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The MILITARY COSTUME OF TURKEY.
PUBLISHED BY THOMAS McLEAN JANUARY 1, 1813
From drawings by Octavien Dalvimart (d'Alvimart), engraved F.H. Clark
Pacha from the NYPL
A PACHA is the governor of a province or city, invested with most of the attributes of regal power, as his title implies, it being formed of two Persian words, Pa and Shah, which signify Viceroy.
In each Government, or Pachalic, the Pacha is the image of the Sultan, and like him is absolute; all power is united in his person; he is the chief both of the military and the finances, of the police and of criminal justice, and in addition to all, he is armed with the power of life and death.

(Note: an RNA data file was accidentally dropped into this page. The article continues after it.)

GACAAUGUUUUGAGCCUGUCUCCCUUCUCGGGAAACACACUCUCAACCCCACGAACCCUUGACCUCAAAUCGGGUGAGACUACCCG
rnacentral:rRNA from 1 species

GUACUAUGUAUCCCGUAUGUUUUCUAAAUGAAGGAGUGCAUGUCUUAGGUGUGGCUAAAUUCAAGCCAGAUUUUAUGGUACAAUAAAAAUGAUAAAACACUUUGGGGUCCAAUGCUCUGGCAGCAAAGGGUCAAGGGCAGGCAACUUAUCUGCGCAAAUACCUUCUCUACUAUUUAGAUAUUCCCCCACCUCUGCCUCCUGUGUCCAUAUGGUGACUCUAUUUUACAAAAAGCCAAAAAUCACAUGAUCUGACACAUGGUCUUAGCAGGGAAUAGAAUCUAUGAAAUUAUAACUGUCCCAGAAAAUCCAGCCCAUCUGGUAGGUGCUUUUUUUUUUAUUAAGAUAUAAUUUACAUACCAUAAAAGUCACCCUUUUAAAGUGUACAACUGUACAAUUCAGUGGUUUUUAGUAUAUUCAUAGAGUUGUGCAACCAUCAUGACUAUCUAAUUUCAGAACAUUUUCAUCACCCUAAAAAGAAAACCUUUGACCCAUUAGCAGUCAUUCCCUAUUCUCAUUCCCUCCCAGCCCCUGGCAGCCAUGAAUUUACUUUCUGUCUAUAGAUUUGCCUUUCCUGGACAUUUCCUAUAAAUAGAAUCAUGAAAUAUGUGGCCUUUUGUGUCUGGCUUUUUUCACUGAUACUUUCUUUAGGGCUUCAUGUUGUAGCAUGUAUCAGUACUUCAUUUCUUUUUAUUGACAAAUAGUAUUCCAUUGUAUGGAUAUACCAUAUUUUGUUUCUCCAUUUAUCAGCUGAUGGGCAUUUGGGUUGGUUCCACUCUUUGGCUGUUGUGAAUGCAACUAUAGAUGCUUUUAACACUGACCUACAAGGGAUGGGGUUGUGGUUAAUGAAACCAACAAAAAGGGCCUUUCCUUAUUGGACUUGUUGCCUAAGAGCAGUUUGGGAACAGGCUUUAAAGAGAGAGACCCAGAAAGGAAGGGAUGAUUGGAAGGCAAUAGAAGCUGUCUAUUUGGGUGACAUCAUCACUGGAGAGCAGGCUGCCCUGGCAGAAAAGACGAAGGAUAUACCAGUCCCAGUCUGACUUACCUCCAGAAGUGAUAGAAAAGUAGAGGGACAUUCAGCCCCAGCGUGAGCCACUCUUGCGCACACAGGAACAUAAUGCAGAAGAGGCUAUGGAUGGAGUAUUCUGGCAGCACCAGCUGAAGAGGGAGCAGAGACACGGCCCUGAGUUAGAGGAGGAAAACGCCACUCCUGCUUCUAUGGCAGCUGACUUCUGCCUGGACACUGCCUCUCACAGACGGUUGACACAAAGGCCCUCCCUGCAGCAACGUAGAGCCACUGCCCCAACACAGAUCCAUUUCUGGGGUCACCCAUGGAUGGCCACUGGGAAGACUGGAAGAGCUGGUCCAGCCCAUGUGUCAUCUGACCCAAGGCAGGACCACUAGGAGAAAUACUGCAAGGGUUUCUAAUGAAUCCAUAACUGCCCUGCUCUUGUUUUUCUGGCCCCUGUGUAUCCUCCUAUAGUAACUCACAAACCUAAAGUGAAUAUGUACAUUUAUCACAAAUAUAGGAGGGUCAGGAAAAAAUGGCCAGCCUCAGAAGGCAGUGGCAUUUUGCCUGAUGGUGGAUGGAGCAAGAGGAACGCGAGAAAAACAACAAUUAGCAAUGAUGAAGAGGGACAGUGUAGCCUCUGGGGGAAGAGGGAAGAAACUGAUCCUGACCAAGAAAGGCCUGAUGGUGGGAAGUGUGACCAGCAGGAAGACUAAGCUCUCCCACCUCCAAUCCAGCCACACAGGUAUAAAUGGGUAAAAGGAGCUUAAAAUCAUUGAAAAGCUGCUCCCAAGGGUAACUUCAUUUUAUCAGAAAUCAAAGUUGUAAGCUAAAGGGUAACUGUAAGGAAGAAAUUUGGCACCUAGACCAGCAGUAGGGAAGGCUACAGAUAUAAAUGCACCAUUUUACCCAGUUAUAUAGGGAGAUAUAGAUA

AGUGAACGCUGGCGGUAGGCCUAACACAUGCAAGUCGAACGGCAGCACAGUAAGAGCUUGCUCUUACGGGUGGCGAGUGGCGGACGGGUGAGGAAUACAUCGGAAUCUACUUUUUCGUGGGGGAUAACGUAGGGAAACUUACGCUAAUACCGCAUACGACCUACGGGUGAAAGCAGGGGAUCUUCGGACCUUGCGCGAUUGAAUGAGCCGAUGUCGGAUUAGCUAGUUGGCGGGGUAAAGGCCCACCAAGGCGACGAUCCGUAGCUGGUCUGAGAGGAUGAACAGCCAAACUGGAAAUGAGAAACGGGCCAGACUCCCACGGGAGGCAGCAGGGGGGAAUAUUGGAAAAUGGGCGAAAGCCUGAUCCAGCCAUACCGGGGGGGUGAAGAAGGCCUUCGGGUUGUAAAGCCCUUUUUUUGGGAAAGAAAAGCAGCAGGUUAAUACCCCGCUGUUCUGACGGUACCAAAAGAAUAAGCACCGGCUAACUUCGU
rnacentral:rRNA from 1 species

The ensign of the Pacha's military dignity is two horse tails; such governors as have three, are generally styled Beglerbegs, whilst those who have but one, are called Sanjiacks. It is to these officers, that travellers present their firman for inspection, and it is by their permission alone, the journey can be pursued with safety. Sonnini says, he never unrolled his firman in vain; at the sight of it, the haughty Pacha, the stern Aga, and all the subaltern tyrants who rend, rather than govern, the Ottoman empire, became tractable and obliging; they lifted it to their foreheads in token of respect, and he seldom failed to obtain from them what he wished. The firman, or passport, is a complimentary rhapsody addressed to the respective Pachas, expressive of the Grand Sultan's permission for the bearer to travel freely, or reside in any of the districts during his journey, provided he conforms in all things to the Sovereign order, succour and protection shall be granted to him.
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